Nothing is so fatiguing as the eternal hanging on of an uncompleted task. ~William James

Wednesday, March 24, 2010

Opportunity Costs: Doing as Not Doing

I learned about opportunity costs in one of the several degree programs which combined to keep me off the streets for years.  Basically, the term represents what we forego in making a choice between options--like choosing "what lies behind Door 2" on "Let's Make a Deal," and thereby losing out on whatever was behind Doors 1 and 3.  I haven't seen the show since long before Monty left, but I still remember the audience's unison "Awwww!" which attended the revelations of what the contestant could have had, had she or he chosen differently.  Of course, sometimes the contestant lucked out, and chose the best of the available prizes.  

In life, things are seldom so clear cut.  For one thing, there are way too many freakin' doors.  And we don't usually get to see right away, or ever, what we missed out on.  And there are costs as well as benefits that accompany each alternative.  And the various consequences are not, as I learned to say in planning school *commensurate.  Unlike Monty's offerings, we can't easily put a price tag on the value of our outcomes.  It would therefore be difficult to evaluate, even if we had all the information about the end results, whether we had won or lost.

But still the concept is intriguing.  You might say I have been haunted by potential opportunity costs since learning to consider them.  That's a fairly classy way to explain my trouble with decision-making and with moving ahead.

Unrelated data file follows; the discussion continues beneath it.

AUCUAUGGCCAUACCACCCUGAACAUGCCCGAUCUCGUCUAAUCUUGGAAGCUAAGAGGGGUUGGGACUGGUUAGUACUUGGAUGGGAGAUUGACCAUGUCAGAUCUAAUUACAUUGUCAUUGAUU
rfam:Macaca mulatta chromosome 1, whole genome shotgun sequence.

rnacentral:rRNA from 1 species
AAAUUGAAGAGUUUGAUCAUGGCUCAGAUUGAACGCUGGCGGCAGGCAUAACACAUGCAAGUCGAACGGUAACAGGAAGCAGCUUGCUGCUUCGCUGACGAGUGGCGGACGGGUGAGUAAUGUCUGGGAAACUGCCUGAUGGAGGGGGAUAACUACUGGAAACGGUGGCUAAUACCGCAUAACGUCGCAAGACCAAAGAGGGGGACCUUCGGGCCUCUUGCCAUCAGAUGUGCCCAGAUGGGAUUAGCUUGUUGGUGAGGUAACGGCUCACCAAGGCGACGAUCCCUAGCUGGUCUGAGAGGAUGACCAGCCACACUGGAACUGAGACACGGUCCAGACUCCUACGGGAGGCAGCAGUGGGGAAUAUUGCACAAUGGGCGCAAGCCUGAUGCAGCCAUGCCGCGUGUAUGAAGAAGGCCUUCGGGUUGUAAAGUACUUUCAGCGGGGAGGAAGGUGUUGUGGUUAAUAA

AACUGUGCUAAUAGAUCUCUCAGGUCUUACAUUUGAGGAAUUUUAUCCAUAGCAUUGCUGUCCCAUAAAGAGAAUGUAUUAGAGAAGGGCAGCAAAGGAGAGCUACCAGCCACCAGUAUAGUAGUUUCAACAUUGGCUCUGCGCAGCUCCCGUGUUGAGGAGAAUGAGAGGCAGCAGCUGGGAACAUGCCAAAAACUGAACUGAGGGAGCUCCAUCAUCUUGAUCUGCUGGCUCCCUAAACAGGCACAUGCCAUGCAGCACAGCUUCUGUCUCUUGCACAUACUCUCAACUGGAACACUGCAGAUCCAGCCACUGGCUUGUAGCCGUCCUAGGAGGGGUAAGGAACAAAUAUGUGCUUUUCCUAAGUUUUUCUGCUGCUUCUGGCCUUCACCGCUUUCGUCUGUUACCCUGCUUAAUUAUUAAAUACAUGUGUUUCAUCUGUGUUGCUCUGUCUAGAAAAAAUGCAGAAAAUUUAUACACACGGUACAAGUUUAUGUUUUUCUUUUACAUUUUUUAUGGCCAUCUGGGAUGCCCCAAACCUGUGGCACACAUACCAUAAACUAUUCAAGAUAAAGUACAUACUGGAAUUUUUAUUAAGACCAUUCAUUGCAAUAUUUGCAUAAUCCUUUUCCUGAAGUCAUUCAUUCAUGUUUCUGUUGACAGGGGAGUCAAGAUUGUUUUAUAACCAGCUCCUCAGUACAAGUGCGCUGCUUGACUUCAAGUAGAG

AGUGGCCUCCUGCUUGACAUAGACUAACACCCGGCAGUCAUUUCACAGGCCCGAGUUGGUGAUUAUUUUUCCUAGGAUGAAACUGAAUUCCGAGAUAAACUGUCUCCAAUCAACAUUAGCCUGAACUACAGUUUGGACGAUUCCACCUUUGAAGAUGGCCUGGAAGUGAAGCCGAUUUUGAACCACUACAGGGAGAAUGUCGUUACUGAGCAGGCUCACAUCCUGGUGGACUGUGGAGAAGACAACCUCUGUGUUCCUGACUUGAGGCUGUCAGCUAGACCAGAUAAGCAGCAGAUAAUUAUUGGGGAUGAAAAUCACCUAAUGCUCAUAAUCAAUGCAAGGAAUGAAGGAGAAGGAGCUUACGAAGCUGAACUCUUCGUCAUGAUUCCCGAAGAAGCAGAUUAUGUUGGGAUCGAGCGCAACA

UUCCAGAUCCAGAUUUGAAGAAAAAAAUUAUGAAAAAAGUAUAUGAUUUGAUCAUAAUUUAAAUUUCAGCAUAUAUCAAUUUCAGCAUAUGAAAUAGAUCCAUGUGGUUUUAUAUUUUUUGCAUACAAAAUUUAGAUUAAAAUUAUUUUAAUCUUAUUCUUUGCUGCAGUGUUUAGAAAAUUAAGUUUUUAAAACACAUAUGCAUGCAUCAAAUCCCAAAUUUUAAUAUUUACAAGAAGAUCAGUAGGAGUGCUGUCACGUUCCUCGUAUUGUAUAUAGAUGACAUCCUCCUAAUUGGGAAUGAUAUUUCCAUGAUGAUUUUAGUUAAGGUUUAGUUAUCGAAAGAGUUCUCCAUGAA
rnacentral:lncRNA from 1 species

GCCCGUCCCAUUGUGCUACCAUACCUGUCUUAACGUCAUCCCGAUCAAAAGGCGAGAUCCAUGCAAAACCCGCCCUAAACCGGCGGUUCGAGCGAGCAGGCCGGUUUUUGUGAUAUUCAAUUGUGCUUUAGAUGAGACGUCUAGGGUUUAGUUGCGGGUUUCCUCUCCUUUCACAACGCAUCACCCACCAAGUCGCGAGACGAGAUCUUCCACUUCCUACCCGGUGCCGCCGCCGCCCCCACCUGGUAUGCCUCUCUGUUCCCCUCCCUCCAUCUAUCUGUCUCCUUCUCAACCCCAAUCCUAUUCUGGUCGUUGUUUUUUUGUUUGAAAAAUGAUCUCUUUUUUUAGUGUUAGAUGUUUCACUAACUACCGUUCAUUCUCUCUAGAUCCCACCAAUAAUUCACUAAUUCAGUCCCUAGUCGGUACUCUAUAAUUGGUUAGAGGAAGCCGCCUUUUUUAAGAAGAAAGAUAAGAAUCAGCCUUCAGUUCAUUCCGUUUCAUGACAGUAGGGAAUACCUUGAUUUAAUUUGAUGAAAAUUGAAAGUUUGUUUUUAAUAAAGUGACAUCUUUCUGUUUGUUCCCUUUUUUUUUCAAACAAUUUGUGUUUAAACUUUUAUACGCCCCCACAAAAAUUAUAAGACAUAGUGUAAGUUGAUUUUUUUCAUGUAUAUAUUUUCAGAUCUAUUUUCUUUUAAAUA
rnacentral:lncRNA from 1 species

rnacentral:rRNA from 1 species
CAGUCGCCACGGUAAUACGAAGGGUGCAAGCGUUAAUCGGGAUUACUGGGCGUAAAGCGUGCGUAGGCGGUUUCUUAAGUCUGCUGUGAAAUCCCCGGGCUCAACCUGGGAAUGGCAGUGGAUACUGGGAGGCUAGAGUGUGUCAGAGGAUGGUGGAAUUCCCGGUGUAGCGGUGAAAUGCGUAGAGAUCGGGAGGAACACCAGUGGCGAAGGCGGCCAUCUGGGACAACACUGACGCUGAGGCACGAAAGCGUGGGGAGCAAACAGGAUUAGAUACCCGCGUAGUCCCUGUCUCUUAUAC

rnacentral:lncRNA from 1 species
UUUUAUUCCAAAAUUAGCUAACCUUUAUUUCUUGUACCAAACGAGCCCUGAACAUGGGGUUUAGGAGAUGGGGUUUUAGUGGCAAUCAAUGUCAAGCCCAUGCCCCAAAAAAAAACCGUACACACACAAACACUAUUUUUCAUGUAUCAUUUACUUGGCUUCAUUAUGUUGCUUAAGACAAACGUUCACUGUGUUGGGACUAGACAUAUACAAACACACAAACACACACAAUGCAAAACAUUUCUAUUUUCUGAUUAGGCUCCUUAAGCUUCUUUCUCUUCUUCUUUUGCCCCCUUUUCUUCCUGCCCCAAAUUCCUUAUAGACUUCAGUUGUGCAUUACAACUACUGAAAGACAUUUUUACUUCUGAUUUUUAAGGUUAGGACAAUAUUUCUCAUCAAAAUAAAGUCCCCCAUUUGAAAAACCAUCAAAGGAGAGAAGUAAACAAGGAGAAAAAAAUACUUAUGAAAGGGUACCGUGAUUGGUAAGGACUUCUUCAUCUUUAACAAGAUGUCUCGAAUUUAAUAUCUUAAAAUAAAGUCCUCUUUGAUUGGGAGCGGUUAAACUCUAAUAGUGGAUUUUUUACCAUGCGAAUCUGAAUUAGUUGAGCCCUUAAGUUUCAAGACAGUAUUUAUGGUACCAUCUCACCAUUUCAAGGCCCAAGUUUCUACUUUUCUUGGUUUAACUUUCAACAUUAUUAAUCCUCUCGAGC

And still, it's true in more than the abstract that doing something means not doing something else.  Elementary, yes, but track-stopping nonetheless.  And fairly overwhelming in retrospect.

My two-year-old grandson and his mom are working on this.  My wise daughter will attempt to gain his "buy-in" by presenting him with simple, dichotomous choices, like "Do you want to walk to the house or be carried?"  When he is not moved to articulate his choice, or to begin walking, she will say "You are choosing to be carried.  Is that what you want?"

It could be a useful tape to have in one's head, if not overplayed.  Where was the voice when I needed it, the one that would have calmly confronted me on many distracted occasions, that I was "choosing not to do my dissertation," or to work on my novel, or to get a life?

While it's important, I believe, not to mistake ourselves for mostly rational beings, it doesn't hurt to attempt rationality from time to time.  It's good to keep opportunity costs in mind, though this rational tool won't play a lead role in our "decisions"--some made at other than a conscious level anyway--of what to do.  But it's good, too, to keep this tool on a leash, or it just might lead to paralysis.  Imagine trying to think about the universe of what we aren't doing in initiating a single act, let alone every act!

* I know, I know.  Yes, I really went to a highly regarded planning program, and got a master's degree in urban and regional planning, for all the good it did my personal organization style.

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